I actually meant what I said about responsibility. Some things are just more important than paying a mortgage
– Nick Naylor
Over the course of the movie, Joey (Cameron Bright) will go from being ashamed of his father to deifying him. Joey is intelligent, a little precocious, and quickly learns his father’s powers of manipulation, using them to convince his mother to let him go to California. It is argued by a journalist that he is being “groomed for the job”, and this may indeed be true, even if it’s unintentional. Naylor explains his job to Joey using an ice cream analogy, in which Joey must argue for chocolate being the best, and Naylor must argue for vanilla. Now of course neither can be ‘right’, but “if it’s your job to be right,” Naylor says, “then you’re never wrong”. Later, they both enjoy vanilla cones on the Ferris wheel, symbolising that Joey has been won over. Moreover, at the end of the movie, Joey wins a debating competition, apparently delighted that he has inherited his father’s talent. Given the trouble it has caused his father (and the world) it’s difficult to know whether to be touched or horrified by this.
Who cares what the Brads of the world think? He’s not my Dad
– Joey Naylor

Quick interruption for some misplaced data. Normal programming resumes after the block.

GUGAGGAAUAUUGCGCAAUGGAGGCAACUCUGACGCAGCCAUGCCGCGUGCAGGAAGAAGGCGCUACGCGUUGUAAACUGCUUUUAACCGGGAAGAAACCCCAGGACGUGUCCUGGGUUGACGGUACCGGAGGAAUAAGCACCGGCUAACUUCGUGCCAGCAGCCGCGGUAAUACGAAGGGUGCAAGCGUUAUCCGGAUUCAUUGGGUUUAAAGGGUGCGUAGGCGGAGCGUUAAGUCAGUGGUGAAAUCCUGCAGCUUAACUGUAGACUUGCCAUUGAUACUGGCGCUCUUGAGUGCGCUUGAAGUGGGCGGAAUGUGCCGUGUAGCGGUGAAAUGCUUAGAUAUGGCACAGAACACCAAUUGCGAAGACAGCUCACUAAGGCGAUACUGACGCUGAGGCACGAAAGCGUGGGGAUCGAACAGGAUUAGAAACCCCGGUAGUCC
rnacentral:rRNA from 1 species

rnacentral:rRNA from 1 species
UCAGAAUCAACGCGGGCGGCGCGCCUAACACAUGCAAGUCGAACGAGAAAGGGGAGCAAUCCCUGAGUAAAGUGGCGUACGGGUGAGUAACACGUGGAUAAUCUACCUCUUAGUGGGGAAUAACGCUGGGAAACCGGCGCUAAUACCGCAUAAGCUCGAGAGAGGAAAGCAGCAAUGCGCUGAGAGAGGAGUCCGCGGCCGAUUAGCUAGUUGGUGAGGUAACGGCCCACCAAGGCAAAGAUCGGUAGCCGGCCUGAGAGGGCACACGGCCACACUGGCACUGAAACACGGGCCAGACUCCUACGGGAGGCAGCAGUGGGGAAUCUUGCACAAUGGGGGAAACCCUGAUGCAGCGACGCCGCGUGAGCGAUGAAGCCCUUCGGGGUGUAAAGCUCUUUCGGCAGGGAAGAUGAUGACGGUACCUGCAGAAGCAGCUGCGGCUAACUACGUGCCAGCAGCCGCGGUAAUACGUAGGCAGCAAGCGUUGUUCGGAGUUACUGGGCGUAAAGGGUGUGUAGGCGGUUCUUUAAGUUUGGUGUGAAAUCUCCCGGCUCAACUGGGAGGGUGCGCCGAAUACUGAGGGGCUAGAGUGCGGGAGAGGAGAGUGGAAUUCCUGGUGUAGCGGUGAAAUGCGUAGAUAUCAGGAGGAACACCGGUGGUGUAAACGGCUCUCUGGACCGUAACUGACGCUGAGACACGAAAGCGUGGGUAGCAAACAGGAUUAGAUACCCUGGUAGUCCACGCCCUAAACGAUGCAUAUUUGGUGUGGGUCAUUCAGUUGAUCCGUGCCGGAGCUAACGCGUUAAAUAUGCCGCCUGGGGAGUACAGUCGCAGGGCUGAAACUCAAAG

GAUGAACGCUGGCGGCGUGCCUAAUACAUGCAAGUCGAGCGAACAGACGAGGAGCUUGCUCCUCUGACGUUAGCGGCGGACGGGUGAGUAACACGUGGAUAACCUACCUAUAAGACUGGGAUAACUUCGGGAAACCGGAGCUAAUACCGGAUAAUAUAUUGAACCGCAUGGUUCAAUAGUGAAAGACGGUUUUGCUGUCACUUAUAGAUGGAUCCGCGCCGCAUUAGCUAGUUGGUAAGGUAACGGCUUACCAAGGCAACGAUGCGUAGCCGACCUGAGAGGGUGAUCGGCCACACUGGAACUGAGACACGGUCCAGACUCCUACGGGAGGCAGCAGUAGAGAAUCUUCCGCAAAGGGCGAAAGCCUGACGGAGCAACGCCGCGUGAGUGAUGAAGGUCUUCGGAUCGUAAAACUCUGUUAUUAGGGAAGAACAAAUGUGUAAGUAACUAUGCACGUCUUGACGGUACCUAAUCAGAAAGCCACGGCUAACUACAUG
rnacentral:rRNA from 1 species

The theme of fathers and sons continues in the character of The Captain (Robert Duvall). This aspect of the movie bites at the idolisation of older generations. Problematically, there are no African-American characters in the principal cast, however the wait-staff at The Captain’s club is entirely composed of Black men; this is uncomfortably reminiscent of the Old American world that The Captain is fabricating for himself. This was a world that was romanticised after the Second World War, and characterised by people like John D. Rockefeller, who was on the one hand an American ‘hero’, and on the other, responsible for the lucrative but morally bankrupt oil industry.
For The Captain, it’s not oil, it’s cigarettes—the dangers of idealisation remain. The Captain calls Naylor “son” and tells him that “tobacco takes care of its own”, playing on the assumed virtue of the nuclear family; he also compares the war on tobacco to actual war, going so far as to quote Churchill, misappropriating actual heroism. With his Old American attitude comes the implicit desire to restore the tobacco industry (or America, or the world) to a former ‘glory’ that is defined by privilege and apathy. But just as The Captain is convinced that his way of doing things is the right way of doing things—down to the correct way to prepare a mojito—Nick Naylor is too. And arguably, from an outsider’s perspective, The Captain is a bad influence on Naylor, the same way Naylor is a bad influence on Joey. This movie makes characters look foolish for making heroes out of their fathers.